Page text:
Given that system stakeholders will require continual access to the stored data, you need to create an encrypted communications channel. When using secure communication technologies like Transport Layer Security (TLS) or a Virtual Private Network (VPN), the content of the connection cannot be understood if intercepted by an unauthorized third party.

Data anonymization

Anonymizing your data and models before sharing or publishing them is another option to preserve their privacy. It’s all about deleting or altering any sensitive information in your data and models. 

Anonymization helps to meet data protection standards like GDPR or HIPAA, as well as ethical considerations like permission and confidentiality. 

However, anonymization isn’t a bulletproof solution because techniques like re-identification and inference attacks might possibly disclose the original information from anonymized data and models. As a result, make sure to implement anonymization strategies such as k-anonymity, l-diversity, or differential privacy, and evaluate their efficacy and limits for your particular use case.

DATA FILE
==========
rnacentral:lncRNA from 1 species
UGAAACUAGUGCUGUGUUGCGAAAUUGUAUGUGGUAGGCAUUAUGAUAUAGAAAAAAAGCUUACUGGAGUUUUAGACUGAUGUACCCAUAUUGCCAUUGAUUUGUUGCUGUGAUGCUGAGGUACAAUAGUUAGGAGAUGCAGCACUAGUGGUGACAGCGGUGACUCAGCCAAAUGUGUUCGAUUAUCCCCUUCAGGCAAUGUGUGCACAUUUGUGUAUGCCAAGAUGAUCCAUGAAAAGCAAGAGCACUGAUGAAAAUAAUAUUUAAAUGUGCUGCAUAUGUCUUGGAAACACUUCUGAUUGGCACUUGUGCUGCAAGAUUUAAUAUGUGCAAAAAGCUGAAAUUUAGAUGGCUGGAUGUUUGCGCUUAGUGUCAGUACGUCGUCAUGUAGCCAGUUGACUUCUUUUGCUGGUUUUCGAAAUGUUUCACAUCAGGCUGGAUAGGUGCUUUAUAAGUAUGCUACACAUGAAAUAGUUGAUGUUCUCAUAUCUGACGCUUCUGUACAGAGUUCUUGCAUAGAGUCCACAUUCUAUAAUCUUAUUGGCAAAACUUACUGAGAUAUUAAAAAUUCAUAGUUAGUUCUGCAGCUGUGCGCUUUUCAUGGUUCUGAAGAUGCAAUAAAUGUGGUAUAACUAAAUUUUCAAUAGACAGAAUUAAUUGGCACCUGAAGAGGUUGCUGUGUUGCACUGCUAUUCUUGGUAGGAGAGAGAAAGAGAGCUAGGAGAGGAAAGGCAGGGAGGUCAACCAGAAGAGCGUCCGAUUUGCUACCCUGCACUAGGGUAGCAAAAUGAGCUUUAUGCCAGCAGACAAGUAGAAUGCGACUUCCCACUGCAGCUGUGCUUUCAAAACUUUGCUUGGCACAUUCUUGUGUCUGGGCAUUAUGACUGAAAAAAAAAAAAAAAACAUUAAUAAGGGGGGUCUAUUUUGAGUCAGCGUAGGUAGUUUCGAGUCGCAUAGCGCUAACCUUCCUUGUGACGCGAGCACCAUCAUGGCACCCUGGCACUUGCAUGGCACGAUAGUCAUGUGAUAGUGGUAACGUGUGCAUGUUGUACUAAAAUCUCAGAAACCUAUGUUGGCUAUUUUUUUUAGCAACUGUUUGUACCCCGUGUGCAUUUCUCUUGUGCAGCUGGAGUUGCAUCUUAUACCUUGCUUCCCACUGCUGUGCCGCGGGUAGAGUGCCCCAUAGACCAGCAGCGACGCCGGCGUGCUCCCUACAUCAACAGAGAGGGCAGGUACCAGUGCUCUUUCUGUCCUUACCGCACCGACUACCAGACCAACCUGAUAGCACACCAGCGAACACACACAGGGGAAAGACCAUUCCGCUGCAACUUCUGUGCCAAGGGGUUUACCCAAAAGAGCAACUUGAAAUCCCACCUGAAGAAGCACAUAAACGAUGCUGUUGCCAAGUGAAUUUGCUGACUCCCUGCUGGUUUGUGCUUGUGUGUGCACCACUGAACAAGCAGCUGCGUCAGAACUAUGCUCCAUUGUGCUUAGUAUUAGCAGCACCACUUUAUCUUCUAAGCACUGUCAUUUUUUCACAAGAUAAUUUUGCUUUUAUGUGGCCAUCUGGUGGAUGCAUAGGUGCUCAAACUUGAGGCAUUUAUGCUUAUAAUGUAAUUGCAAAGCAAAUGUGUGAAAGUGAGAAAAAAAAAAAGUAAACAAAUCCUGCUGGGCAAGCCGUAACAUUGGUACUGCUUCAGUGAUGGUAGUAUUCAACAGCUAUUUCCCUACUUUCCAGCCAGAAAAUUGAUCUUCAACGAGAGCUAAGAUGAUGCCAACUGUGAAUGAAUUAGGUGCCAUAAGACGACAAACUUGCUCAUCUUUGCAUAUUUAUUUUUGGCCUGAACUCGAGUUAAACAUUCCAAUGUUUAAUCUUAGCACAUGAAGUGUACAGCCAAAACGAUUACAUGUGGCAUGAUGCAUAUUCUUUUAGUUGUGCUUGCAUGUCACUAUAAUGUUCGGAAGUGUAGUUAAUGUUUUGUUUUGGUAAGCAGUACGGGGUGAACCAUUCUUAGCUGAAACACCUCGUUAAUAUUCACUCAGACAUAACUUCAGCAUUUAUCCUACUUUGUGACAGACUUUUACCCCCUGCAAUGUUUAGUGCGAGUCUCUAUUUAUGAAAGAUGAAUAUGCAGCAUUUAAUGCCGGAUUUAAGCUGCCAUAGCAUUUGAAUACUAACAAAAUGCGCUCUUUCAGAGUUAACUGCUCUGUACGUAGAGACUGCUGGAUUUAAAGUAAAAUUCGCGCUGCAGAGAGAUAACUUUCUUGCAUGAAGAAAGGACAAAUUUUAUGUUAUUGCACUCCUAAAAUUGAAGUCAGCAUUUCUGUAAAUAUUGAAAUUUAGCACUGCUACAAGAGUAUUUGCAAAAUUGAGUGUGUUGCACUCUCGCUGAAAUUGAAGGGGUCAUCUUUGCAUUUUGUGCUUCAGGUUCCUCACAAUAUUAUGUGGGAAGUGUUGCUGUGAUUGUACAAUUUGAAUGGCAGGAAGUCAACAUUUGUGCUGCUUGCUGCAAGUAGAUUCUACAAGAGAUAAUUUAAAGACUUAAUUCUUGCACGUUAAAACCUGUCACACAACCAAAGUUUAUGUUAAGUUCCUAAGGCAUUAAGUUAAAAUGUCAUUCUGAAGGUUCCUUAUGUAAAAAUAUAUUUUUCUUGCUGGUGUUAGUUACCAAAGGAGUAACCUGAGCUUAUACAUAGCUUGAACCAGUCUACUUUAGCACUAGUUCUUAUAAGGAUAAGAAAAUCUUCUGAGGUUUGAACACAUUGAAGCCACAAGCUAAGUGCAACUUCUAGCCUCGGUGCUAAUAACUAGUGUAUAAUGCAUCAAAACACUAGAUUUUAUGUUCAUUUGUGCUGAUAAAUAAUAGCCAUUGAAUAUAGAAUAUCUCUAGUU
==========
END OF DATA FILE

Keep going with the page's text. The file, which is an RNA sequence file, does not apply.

Data governance

A data governance framework specifies and enforces the policies, roles, and responsibilities for managing your data and models throughout their lifespan. It’s a must-have for building the security of your data. 

Thanks to data governance, teams achieve data quality, consistency, and integrity, in addition to data security, privacy, and compliance. Data governance also helps teams to accurately monitor and audit their data and models, and detect any problems or events that may develop. 

Model security

Here’s another thing to consider: secure your models in addition to your data, especially if they’re exposed as web services or APIs that may be accessed by external users or apps.